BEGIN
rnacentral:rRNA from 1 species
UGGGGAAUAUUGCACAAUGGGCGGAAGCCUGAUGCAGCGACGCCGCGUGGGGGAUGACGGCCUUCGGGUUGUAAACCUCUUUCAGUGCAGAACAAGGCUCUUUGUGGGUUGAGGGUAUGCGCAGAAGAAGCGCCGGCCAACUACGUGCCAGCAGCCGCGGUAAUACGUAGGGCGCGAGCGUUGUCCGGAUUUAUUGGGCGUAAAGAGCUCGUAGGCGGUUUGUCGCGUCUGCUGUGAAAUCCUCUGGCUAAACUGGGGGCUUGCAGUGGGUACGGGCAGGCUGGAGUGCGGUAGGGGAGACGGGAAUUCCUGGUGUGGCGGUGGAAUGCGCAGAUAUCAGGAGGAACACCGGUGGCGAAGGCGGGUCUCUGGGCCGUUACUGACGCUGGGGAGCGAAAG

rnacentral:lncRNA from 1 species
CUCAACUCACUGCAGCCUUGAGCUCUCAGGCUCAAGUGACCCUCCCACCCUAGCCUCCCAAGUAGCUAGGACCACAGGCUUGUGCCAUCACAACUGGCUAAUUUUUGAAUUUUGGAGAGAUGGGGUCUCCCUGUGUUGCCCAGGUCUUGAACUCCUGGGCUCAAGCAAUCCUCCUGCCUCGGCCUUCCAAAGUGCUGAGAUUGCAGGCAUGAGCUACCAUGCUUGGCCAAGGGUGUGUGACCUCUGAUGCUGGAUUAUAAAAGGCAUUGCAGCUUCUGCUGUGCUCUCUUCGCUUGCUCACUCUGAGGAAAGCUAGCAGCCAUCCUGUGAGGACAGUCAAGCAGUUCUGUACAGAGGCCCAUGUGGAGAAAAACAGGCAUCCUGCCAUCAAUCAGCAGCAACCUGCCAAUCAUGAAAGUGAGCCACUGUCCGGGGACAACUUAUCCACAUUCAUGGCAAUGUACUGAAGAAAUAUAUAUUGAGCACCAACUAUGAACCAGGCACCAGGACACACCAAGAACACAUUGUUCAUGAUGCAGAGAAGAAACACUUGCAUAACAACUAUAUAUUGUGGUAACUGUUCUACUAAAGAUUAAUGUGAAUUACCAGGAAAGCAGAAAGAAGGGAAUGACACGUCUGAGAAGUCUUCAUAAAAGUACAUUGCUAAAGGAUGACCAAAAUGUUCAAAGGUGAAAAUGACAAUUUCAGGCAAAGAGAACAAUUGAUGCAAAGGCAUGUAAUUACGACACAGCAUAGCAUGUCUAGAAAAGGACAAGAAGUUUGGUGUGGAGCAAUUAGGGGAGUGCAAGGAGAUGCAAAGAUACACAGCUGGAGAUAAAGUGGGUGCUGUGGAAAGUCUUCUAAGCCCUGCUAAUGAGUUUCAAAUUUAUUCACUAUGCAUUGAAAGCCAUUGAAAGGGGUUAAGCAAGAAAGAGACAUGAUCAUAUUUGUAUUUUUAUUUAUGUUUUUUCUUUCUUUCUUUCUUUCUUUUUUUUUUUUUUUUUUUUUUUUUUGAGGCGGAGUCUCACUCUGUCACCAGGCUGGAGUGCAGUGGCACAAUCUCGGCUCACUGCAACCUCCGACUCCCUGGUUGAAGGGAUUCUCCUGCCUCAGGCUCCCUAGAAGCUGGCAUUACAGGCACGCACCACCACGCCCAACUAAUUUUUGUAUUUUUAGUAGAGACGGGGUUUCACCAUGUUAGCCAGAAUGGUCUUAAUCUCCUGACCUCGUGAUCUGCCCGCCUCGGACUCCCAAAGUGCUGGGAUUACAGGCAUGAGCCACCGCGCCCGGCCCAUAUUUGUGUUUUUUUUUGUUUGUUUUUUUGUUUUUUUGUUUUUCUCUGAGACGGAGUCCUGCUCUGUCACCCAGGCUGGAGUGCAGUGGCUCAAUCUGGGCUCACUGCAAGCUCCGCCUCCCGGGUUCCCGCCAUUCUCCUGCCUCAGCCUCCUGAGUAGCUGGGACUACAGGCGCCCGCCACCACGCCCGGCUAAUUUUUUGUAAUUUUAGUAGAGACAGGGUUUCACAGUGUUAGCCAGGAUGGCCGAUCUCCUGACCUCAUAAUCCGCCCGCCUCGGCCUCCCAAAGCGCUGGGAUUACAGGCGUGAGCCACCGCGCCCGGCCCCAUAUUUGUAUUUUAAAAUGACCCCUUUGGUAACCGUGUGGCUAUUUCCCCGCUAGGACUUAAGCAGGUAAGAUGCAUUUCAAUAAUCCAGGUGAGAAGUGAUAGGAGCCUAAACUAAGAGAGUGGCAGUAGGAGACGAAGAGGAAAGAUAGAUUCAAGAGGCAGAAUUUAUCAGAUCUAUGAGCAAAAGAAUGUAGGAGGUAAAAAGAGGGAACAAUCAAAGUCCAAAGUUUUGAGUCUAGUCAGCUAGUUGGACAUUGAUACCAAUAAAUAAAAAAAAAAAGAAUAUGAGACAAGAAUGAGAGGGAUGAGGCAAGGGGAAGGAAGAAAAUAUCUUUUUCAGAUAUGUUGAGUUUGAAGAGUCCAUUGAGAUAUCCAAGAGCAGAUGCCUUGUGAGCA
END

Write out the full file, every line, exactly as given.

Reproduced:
rnacentral:rRNA from 1 species
UGGGGAAUAUUGCACAAUGGGCGGAAGCCUGAUGCAGCGACGCCGCGUGGGGGAUGACGGCCUUCGGGUUGUAAACCUCUUUCAGUGCAGAACAAGGCUCUUUGUGGGUUGAGGGUAUGCGCAGAAGAAGCGCCGGCCAACUACGUGCCAGCAGCCGCGGUAAUACGUAGGGCGCGAGCGUUGUCCGGAUUUAUUGGGCGUAAAGAGCUCGUAGGCGGUUUGUCGCGUCUGCUGUGAAAUCCUCUGGCUAAACUGGGGGCUUGCAGUGGGUACGGGCAGGCUGGAGUGCGGUAGGGGAGACGGGAAUUCCUGGUGUGGCGGUGGAAUGCGCAGAUAUCAGGAGGAACACCGGUGGCGAAGGCGGGUCUCUGGGCCGUUACUGACGCUGGGGAGCGAAAG

rnacentral:lncRNA from 1 species
CUCAACUCACUGCAGCCUUGAGCUCUCAGGCUCAAGUGACCCUCCCACCCUAGCCUCCCAAGUAGCUAGGACCACAGGCUUGUGCCAUCACAACUGGCUAAUUUUUGAAUUUUGGAGAGAUGGGGUCUCCCUGUGUUGCCCAGGUCUUGAACUCCUGGGCUCAAGCAAUCCUCCUGCCUCGGCCUUCCAAAGUGCUGAGAUUGCAGGCAUGAGCUACCAUGCUUGGCCAAGGGUGUGUGACCUCUGAUGCUGGAUUAUAAAAGGCAUUGCAGCUUCUGCUGUGCUCUCUUCGCUUGCUCACUCUGAGGAAAGCUAGCAGCCAUCCUGUGAGGACAGUCAAGCAGUUCUGUACAGAGGCCCAUGUGGAGAAAAACAGGCAUCCUGCCAUCAAUCAGCAGCAACCUGCCAAUCAUGAAAGUGAGCCACUGUCCGGGGACAACUUAUCCACAUUCAUGGCAAUGUACUGAAGAAAUAUAUAUUGAGCACCAACUAUGAACCAGGCACCAGGACACACCAAGAACACAUUGUUCAUGAUGCAGAGAAGAAACACUUGCAUAACAACUAUAUAUUGUGGUAACUGUUCUACUAAAGAUUAAUGUGAAUUACCAGGAAAGCAGAAAGAAGGGAAUGACACGUCUGAGAAGUCUUCAUAAAAGUACAUUGCUAAAGGAUGACCAAAAUGUUCAAAGGUGAAAAUGACAAUUUCAGGCAAAGAGAACAAUUGAUGCAAAGGCAUGUAAUUACGACACAGCAUAGCAUGUCUAGAAAAGGACAAGAAGUUUGGUGUGGAGCAAUUAGGGGAGUGCAAGGAGAUGCAAAGAUACACAGCUGGAGAUAAAGUGGGUGCUGUGGAAAGUCUUCUAAGCCCUGCUAAUGAGUUUCAAAUUUAUUCACUAUGCAUUGAAAGCCAUUGAAAGGGGUUAAGCAAGAAAGAGACAUGAUCAUAUUUGUAUUUUUAUUUAUGUUUUUUCUUUCUUUCUUUCUUUCUUUUUUUUUUUUUUUUUUUUUUUUUUGAGGCGGAGUCUCACUCUGUCACCAGGCUGGAGUGCAGUGGCACAAUCUCGGCUCACUGCAACCUCCGACUCCCUGGUUGAAGGGAUUCUCCUGCCUCAGGCUCCCUAGAAGCUGGCAUUACAGGCACGCACCACCACGCCCAACUAAUUUUUGUAUUUUUAGUAGAGACGGGGUUUCACCAUGUUAGCCAGAAUGGUCUUAAUCUCCUGACCUCGUGAUCUGCCCGCCUCGGACUCCCAAAGUGCUGGGAUUACAGGCAUGAGCCACCGCGCCCGGCCCAUAUUUGUGUUUUUUUUUGUUUGUUUUUUUGUUUUUUUGUUUUUCUCUGAGACGGAGUCCUGCUCUGUCACCCAGGCUGGAGUGCAGUGGCUCAAUCUGGGCUCACUGCAAGCUCCGCCUCCCGGGUUCCCGCCAUUCUCCUGCCUCAGCCUCCUGAGUAGCUGGGACUACAGGCGCCCGCCACCACGCCCGGCUAAUUUUUUGUAAUUUUAGUAGAGACAGGGUUUCACAGUGUUAGCCAGGAUGGCCGAUCUCCUGACCUCAUAAUCCGCCCGCCUCGGCCUCCCAAAGCGCUGGGAUUACAGGCGUGAGCCACCGCGCCCGGCCCCAUAUUUGUAUUUUAAAAUGACCCCUUUGGUAACCGUGUGGCUAUUUCCCCGCUAGGACUUAAGCAGGUAAGAUGCAUUUCAAUAAUCCAGGUGAGAAGUGAUAGGAGCCUAAACUAAGAGAGUGGCAGUAGGAGACGAAGAGGAAAGAUAGAUUCAAGAGGCAGAAUUUAUCAGAUCUAUGAGCAAAAGAAUGUAGGAGGUAAAAAGAGGGAACAAUCAAAGUCCAAAGUUUUGAGUCUAGUCAGCUAGUUGGACAUUGAUACCAAUAAAUAAAAAAAAAAAGAAUAUGAGACAAGAAUGAGAGGGAUGAGGCAAGGGGAAGGAAGAAAAUAUCUUUUUCAGAUAUGUUGAGUUUGAAGAGUCCAUUGAGAUAUCCAAGAGCAGAUGCCUUGUGAGCA